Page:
Fatigue is an often-neglected aspect in the decision to return an athlete to sport or to assess an athlete’s initial risk for injury. This data should be used to further evolve our testing procedures to account for these potentially injurious movement patterns secondary to neuromuscular fatigue. Trent Nessler, DPT developed a fatigue protocol and concomitant testing procedure for return to sport and injury risk assessment purposes as part his Dynamic Movement Assessment. Albert Einstein was quoted saying, “The definition of insanity is to continually do the same thing over and over expecting a different result”. If we are to improve these return to sport and re-injury numbers, fatigue cannot be overlooked anymore and must be included in our clinical decision making process.

Effectiveness of Manual Therapy for Knee Pain

The following is another article written for the online, video-based physical therapy continuing education company MedBridge Education

Knee osteoarthritis (Knee OA) is one of the most prevalent and debilitating orthopedic complaints for 28% of adults over 45 years old and 37% of those over 65 years old in the United States. In addition, 1.6% of adults over the age of 60 have undergone total knee arthroplasty (Dillon et al). Improving the underlying mobility, strength, pain, and functional limitations associated with this pathology is a critical component of patient care. There are a number of interventions employed by physical therapists for individuals suffering from knee pain – some more effective than others. Amongst one of the more common, albeit controversial, is the use of manual therapy, or more specifically, joint mobilization.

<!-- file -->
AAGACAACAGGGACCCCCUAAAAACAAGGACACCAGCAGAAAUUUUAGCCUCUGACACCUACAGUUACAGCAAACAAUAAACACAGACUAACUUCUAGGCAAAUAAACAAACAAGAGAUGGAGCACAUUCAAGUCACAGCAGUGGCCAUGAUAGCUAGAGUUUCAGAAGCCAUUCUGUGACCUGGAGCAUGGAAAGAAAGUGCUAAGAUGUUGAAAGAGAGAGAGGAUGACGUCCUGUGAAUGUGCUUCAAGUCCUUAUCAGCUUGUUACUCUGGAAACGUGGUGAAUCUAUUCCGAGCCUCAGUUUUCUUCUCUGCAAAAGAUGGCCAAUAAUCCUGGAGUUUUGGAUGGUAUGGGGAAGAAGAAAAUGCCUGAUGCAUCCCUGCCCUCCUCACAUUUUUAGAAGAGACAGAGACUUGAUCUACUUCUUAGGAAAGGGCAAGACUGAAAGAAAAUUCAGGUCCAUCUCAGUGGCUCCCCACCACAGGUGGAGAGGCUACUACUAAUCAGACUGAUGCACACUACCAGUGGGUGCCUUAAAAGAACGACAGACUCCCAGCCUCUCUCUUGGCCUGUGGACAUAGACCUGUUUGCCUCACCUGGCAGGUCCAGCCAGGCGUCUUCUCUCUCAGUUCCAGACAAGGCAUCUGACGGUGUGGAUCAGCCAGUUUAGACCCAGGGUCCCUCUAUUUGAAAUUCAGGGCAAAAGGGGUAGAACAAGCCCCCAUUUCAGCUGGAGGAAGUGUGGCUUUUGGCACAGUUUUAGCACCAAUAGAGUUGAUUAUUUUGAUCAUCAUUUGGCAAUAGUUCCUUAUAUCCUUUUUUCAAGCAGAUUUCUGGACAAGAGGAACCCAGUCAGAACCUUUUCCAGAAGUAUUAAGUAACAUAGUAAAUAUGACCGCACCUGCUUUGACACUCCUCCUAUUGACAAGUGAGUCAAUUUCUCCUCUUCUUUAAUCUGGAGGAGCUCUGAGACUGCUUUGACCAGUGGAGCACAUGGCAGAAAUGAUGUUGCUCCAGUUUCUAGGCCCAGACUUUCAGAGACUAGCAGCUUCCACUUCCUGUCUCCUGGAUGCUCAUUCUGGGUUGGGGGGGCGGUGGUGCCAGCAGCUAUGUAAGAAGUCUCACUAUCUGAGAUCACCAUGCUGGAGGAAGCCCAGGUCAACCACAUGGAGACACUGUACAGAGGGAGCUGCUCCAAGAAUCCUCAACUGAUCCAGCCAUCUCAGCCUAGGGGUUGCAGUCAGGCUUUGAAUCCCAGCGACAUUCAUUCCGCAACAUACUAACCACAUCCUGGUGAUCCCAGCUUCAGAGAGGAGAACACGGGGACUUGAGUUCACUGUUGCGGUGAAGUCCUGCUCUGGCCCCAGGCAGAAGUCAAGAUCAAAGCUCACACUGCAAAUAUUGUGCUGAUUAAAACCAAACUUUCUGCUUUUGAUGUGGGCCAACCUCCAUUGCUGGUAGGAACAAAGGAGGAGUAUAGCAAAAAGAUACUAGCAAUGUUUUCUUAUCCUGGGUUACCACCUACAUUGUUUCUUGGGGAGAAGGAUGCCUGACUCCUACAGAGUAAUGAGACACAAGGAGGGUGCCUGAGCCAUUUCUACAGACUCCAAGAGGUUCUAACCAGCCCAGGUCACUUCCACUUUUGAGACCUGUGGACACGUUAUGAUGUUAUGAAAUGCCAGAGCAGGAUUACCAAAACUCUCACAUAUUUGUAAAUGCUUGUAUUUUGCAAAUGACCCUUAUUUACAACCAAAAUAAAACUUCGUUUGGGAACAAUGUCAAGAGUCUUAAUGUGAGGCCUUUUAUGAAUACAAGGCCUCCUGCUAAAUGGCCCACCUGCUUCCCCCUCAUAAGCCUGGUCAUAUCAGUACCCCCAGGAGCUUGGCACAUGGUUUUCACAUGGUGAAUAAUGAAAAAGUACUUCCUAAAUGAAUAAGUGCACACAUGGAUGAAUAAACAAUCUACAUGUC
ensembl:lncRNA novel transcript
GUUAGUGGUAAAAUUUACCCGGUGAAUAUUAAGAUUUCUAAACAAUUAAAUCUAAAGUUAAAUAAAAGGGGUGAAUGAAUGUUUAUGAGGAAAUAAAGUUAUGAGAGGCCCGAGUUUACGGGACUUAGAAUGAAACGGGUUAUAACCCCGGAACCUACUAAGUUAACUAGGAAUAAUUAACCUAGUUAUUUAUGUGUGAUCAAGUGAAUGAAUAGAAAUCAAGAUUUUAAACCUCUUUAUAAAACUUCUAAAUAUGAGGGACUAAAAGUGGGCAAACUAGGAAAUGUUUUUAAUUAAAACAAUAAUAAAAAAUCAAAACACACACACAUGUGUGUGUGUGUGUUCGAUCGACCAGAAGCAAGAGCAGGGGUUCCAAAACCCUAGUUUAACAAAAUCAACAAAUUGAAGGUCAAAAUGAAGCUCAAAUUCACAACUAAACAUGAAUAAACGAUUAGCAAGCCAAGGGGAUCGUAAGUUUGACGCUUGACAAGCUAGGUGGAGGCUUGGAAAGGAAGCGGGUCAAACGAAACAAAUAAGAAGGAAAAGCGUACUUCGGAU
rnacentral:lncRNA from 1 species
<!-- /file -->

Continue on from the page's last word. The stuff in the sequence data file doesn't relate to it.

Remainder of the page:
In 2000, Deyle et al published an initial investigation into the potential effectiveness of manual therapy techniques in combination with exercise in the treatment of knee OA. In this randomized controlled trial, patients in the intervention group received manual therapy techniques based on their specific impairments, which potentially included passive physiologic and accessory joint movements, muscle stretching, and soft-tissue mobilization, applied primarily to the knee. However, if any additional deficits were found in other regions (i.e. hip, foot/ankle, lumbar spine), manual therapy techniques were directed at these areas. At the completion of the study, the intervention group achieved significant improvements in 6-minute walk distance and WOMAC score at 4 weeks and 8 weeks. Additionally, only 5% of those in the intervention group underwent total knee arthroplasty (TKA) in comparison to 20% in the control group. This study was a great first step, however as the control group only received subtherapeutic ultrasound for 10 minutes to the area of knee symptoms, further investigation was warranted.